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@Garrett Yes, you'd take your audio file of choice, mix it down to mono, and encode it to 22kHz AIFF. 

 

Ideally, you'd use an older DAW to do it (Cool Edit Pro would work, for example), but anything that can encode to AIFF should work well enough. 

 

What System 6-compatible software can play it once on the Mac?  I'm not sure.  Maybe try browsing Macintosh Garden?

 

EDIT:  just did a little checking, and it looks like Quicktime 1.0 may run on System 6.  Not sure if it'll rum on a 68000, though. 

 

c

Edited by CC_333
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OK!  I have spent some time browsing Macintosh Garden,?and I think I may have figured out something you could try!

 

First, download this and use it to convert a WAV file to a System 7 Sound file: https://macintoshgarden.org/apps/balthazar

 

And then download this and use it to play the resulting snd file on System 6: https://macintoshgarden.org/apps/7th-symphony

 

It's a bit kludgy, but I think it might work. 

 

I will try it myself in mini vMac when I get access to my computer later this evening. 

 

c

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Unfortunately, it didn't work - at least in Basilisk II and Mini vMac. In Basilisk, 7th Symphony gave me an error when trying to play the converted (3 second) clip. In Mini vMac, System 6 couldn't even open the weird file formats 7th Symphony is in. So I guess that's the end of the road... oh well, it's not the biggest deal. I still can't figure out ConcertWare and I guess that, too, is the end of the road. Thanks for your suggestions - it's greatly appreciated.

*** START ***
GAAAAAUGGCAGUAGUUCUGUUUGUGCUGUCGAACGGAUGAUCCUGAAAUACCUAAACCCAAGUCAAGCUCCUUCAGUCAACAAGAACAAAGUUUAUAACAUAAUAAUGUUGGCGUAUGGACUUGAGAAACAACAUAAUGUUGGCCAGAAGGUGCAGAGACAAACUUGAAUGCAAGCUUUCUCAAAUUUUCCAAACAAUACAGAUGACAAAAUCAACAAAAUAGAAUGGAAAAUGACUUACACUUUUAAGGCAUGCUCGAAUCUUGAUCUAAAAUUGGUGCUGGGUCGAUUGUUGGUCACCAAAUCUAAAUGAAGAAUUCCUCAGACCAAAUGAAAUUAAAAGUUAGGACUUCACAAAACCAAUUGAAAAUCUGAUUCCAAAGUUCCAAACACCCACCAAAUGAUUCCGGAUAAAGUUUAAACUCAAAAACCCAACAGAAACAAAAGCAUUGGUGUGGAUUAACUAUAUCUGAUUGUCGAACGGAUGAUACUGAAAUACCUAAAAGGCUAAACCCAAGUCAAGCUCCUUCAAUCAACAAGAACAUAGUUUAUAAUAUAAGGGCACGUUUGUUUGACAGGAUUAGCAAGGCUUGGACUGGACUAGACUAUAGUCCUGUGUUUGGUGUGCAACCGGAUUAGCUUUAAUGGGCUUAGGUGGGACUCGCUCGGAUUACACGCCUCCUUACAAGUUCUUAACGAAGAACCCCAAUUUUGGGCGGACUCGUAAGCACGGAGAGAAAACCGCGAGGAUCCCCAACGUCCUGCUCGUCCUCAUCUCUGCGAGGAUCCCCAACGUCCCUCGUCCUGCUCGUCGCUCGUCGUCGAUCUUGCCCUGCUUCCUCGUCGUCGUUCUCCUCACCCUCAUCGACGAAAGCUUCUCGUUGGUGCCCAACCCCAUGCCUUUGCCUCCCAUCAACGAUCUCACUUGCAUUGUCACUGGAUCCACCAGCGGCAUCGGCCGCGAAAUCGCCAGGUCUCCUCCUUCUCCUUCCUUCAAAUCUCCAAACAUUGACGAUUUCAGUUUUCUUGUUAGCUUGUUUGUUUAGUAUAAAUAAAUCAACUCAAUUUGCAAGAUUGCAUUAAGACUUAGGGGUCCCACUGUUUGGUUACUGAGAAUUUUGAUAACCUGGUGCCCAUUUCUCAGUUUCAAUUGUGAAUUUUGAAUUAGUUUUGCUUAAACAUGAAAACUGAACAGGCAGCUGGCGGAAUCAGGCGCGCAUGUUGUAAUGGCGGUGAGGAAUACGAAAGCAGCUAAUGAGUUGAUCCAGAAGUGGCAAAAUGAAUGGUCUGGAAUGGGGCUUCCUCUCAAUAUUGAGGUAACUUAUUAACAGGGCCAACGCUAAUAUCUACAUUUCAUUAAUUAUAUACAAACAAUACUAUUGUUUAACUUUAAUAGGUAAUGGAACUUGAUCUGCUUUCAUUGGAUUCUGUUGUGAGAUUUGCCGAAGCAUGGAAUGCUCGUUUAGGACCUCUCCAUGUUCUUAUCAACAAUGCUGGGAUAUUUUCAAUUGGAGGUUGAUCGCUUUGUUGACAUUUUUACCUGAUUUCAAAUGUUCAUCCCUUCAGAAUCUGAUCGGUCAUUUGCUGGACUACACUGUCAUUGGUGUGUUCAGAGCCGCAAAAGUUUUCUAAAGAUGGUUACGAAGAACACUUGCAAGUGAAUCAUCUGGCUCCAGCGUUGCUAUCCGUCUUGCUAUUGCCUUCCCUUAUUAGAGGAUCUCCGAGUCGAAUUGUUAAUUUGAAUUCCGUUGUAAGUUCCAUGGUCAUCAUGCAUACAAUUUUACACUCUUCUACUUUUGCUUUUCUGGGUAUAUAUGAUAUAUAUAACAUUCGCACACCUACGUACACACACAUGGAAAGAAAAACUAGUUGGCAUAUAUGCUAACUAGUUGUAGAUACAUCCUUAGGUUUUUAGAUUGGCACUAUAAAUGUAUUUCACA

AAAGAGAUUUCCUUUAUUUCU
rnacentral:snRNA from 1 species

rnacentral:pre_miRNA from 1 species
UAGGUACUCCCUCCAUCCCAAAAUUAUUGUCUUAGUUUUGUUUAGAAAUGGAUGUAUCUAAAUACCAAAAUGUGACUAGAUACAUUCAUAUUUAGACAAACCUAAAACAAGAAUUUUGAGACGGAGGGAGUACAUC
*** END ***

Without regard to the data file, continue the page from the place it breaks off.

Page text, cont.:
In other audio-related shenanigans, I noticed the audio output on my 1988 Macintosh SE seems to be really hot, as previously mentioned. Even on the 1 setting it seems to play really loud. I also found out (although earlier... had this happen on my Classic with a game, I believe Crystal Quest) that some software seems to "override" the volume setting in the Control Panel. Both with Crystal Quest that one time and tonight with another program, I had the computer muted and it still played sound and seemed to offer no adjustments for volume.